That dizzying journey proves how interconnected past and present can be. And it attracted the attention of the MacArthur Foundation, which just named her one of its 2016 fellows.
Newman uses really old microbes to help tell the story of new ones, and vice versa. “Our research goes in both directions,” she explained. It all starts with really old rocks, which contain traces of Earth’s oldest organisms within.
“It’s not the same as finding a dinosaur,” Newman said. While large animals of yore left behind fossilized bones, smaller organisms left their signatures in a much tinier form: molecular remnants and inorganic byproducts created billions of years ago that can be found only in ancient outcrops of rocks.
There, you’ll find 2-methylhopanoids — a somewhat intimidating name for what are, in essence, the fossils of really old organisms. “It’s essentially just a different kind of steroid that is made by lots of bacteria,” she said. 2-methylhopanoids hang around in rocks that are more than 1.5 billion years old, forming a tiny fossil record that could one day unlock the secret of just how early microbes helped form Earth itself.
“It’s a tantalizing problem, because you don’t have a time machine,” she said. She may not have a device that can blast her to the past, but she’s got two things going for her: modern-day chemical and genetic tools and bacteria that act like their ancestors. Using both, she’s helping piece together a picture of how ancient microbes transformed an Earth with no atmosphere into one filled with oxygen.
That line of inquiry has also taken her in a seemingly different direction — deep into the microbes that put people with a disease like cystic fibrosis at risk or contribute to their symptoms. If the two seem unrelated, think again. “It’s a very simple leap,” Newman explained. When microbes clump together into biofilms — like the slimy films that coat your teeth or stick to wounds — the ones at the outside of a community rapidly consume all available oxygen. The ones inside the community are left in an anaerobic environment similar to the one experienced by those early Earth-dwelling microbes.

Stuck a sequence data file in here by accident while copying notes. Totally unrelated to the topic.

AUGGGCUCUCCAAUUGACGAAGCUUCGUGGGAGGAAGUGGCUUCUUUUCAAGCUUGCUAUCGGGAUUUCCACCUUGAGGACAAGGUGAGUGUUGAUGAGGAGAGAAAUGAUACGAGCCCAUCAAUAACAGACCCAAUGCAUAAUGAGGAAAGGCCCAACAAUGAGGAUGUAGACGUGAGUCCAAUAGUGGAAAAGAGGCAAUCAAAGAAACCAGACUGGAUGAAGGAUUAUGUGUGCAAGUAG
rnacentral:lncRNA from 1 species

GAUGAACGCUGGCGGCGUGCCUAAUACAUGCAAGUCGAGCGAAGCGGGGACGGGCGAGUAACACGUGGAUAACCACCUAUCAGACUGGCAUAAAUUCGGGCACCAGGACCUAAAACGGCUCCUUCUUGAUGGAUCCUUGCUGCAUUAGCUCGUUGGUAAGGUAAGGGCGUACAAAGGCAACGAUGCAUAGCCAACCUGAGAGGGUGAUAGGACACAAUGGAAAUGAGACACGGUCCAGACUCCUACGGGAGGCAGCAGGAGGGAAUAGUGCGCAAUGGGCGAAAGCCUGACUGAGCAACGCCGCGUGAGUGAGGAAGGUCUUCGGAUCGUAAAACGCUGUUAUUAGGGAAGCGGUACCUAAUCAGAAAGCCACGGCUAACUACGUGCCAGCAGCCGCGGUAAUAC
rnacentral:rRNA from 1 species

“Microbes have had at least a billion if not a billion-and-a half-years to figure out ways of generating energy in the absence of oxygen,” she said. “It’s not surprising that those metabolisms would still be of relevance today.”
Ultimately, Newman hopes that her work on the metabolisms of long-gone microbes could reveal insights about modern-day organisms that cause chronic infections. “The path is clear,” she said. Soon, with the help of what she knows about how ancient anaerobic microbes worked, she’ll start to test proteins that could keep biofilms full of pathogenic bacteria from plaguing patients with cystic fibrosis.
Newman isn’t yet sure how she’ll leverage the $625,000 stipend that comes along with the “genius” grant, but she wants to put what she calls her “five seconds of fame” to good use. “In those five seconds, I hope to spread the word that it’s possible, regardless of your socioeconomic background, to become a scientist,” she said.
So what motivates her on the days when the connections between really old rocks and cystic fibrosis seem less than clear? Newman laughs again. “My mom would say I have an innate curiosity and maybe a stubbornness,” she said. “I also have a certain underlying confidence that I’m not crazy.” It’s that confidence that pushes her to keep looking for the connections between geology and biology, ancient and modern. “These are different contexts, but at the core level the challenges are similar,” she said. “What we care about matters.”
Correction: An earlier version of this post referred to bacteria that cause cystic fibrosis. Cystic fibrosis is genetic – the bacteria are associated with the disease because they cause dangerous infections in cystic fibrosis patients. This has been corrected.